Mascara Ads Will Never Not Feature False Eyelashes

In news that will surprise no one, despite years of being chastised by the National Advertising Division, makeup companies have continued to fight the good fight and attempt to convince customers that those SKY HIGH lashes are the result of their product and are not also helped by a good set of falsies. At this point, shouldn't we just assume she's not born with it?

In 2011, CoverGirl was forced to pull ads featuring Taylor Swift for their NatureLuxe Mousse mascara because her lashes were photoshopped after the fact – something Rimmel had done with a Kate Moss ad a few years prior. In 2007, L'Oreal got rid of an ad with Penelope Cruz because she was wearing false eyelashes. CoverGirl got in on this action again in 2011 in their True Volume ads. Other companies like Dior have gotten in trouble for their Natalie Portman ads, or Rimmel again with an ad featuring Georgia May Jagger.

The most recent issues with mascara-producing makeup companies read the same as the previous ones. An ad for CoverGirl's Clump Crusher with Sofia Vergara mascara was deemed fair by the NAD in September (I guess it really did crush those clumps) but the group suggested that parent company Proctor & Gamble either stop using false eyelashes/photoshop or include obvious disclaimers that the results their consumers could get would require such help, a change the company agreed to. P&G said they appreciated that NAD allowed them to continue using false eyelashes:

...particularly that the cosmetics industry may continue to use lash inserts in mascara advertising featuring performance claims provided their use is disclosed as part of the main message of the advertising. P&G has always been a leader in this area, i.e., disclosing the use of lash inserts, and as a strong supporter of the self-regulatory process, P&G will take NAD's recommendations into account in future advertising.

Also in September, the NAD had the same response to L'Oreal's brands of Maybelline Volum' Express the Rocket mascara and L'Oreal Paris Telescopic Shocking Extensions mascara, but this time, L'Oreal said they would appeal the ruling and take it to the National Advertising Review Board. The Rocket mascara ads were, according to NAD, misleading. They noted that though the claims about what the mascara could do were accurate, L'Oreal should to stop using falsies in their ads unless they were willing to make it obvious they were doing so:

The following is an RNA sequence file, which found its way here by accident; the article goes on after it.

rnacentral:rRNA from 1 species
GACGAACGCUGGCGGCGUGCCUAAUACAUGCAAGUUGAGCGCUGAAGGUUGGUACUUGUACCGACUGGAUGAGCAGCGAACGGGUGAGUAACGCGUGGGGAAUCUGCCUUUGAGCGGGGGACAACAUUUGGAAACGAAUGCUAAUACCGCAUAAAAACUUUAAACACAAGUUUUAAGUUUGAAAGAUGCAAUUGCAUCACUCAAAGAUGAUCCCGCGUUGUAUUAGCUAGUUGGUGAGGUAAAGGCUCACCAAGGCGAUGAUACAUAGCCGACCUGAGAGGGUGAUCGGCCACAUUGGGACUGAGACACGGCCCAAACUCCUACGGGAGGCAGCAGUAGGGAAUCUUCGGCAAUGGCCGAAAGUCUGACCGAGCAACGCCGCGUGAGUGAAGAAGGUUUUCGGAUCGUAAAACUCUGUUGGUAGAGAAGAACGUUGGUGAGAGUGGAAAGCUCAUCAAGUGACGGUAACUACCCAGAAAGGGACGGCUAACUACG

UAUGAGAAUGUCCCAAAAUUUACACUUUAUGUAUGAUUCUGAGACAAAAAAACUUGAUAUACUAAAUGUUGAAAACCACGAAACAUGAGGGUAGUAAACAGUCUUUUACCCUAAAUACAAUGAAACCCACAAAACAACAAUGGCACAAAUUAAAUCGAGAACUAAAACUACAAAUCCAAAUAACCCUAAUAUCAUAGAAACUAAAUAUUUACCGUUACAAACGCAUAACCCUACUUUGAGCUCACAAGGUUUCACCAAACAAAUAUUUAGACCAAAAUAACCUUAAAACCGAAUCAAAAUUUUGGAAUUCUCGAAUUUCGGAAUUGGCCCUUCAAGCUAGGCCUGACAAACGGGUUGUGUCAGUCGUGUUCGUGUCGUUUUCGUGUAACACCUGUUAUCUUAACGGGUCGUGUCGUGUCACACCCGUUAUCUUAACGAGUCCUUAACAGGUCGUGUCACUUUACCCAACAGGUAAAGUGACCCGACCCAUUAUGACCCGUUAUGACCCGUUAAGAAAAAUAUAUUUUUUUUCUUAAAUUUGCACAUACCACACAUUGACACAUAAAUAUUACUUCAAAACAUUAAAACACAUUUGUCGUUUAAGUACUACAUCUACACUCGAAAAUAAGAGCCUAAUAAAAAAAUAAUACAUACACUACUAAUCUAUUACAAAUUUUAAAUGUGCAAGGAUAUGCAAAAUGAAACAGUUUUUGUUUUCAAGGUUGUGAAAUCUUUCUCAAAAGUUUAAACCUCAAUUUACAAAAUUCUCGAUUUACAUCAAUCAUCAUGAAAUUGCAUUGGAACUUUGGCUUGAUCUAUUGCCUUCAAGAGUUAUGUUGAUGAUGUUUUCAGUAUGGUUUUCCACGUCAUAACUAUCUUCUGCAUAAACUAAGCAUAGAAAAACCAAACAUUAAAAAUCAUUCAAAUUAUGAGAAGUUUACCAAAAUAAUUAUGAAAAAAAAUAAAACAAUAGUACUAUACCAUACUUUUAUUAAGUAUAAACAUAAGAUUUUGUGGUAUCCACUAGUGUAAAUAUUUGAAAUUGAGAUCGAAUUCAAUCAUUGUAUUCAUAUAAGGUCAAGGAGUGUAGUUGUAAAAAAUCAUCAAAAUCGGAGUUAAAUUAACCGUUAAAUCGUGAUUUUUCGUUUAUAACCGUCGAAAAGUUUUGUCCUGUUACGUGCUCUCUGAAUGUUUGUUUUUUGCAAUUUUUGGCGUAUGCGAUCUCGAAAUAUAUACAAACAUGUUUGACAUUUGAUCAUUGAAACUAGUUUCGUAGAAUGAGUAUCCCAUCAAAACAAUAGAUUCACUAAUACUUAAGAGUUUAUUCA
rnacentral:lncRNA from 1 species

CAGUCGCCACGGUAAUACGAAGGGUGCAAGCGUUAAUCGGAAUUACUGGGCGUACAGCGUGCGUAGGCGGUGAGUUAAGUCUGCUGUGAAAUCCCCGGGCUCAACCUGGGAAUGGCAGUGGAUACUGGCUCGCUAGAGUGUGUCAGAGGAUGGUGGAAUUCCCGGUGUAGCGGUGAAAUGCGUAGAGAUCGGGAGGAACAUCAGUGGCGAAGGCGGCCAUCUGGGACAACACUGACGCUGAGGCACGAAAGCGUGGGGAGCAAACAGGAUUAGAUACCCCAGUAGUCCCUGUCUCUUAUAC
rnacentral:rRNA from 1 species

"To be clear," NAD's decision stated, "NAD is not suggesting that the beauty industry take 'beauty' out of cosmetic advertising. … NAD is simply restating what the law requires – that when you make a performance claim for mascara and include a photograph depicting a woman wearing the mascara, the picture should not be enhanced by artificial means – either digitally or physically."

Rebecca Caruso, the executive vice president of corporate communications for L'Oréal, told the New York Times that, "Women know that the product's results will differ for reasons such as their own personal features and makeup techniques. They do not expect to look like the model in the ad." L'Oreal is also in the middle of a class action lawsuit involving their New Voluminous Fiber Lashes and Volum'Express The Falsies mascaras.

The continued issue with these advertisements is that the NAD consistently finds them accurate for their claims – "8X Bigger. Smoother. Even." or "200% more volume" – but it doesn't find their implication that the product will do what the images make it look like they'll do. Based off of every recent decision they've made, the NAD isn't going to make makeup companies stop using false lashes in their ads, they're just going to ask that they be more transparent about it, a battle that will probably go on endlessly, as companies decide to interpret "transparency" as "a small line of text at the bottom of a print ad."

It's unfortunate that even with the disclaimers about the use of false eyelashes, there's always a sort of sadness that accompanies looking at a mascara ad and realizing your lashes will never be so Cleopatra-thick. I often think, Man, wouldn't it be nice if I bought that product and my eyes actually did end up looking like spiders? But then that concern is whisked away by the thought, Why do all mascaras have the worst names?

Mascara Ads: Thick Lashes, Fine Print [NYT]

Images via L'Oreal and CoverGirl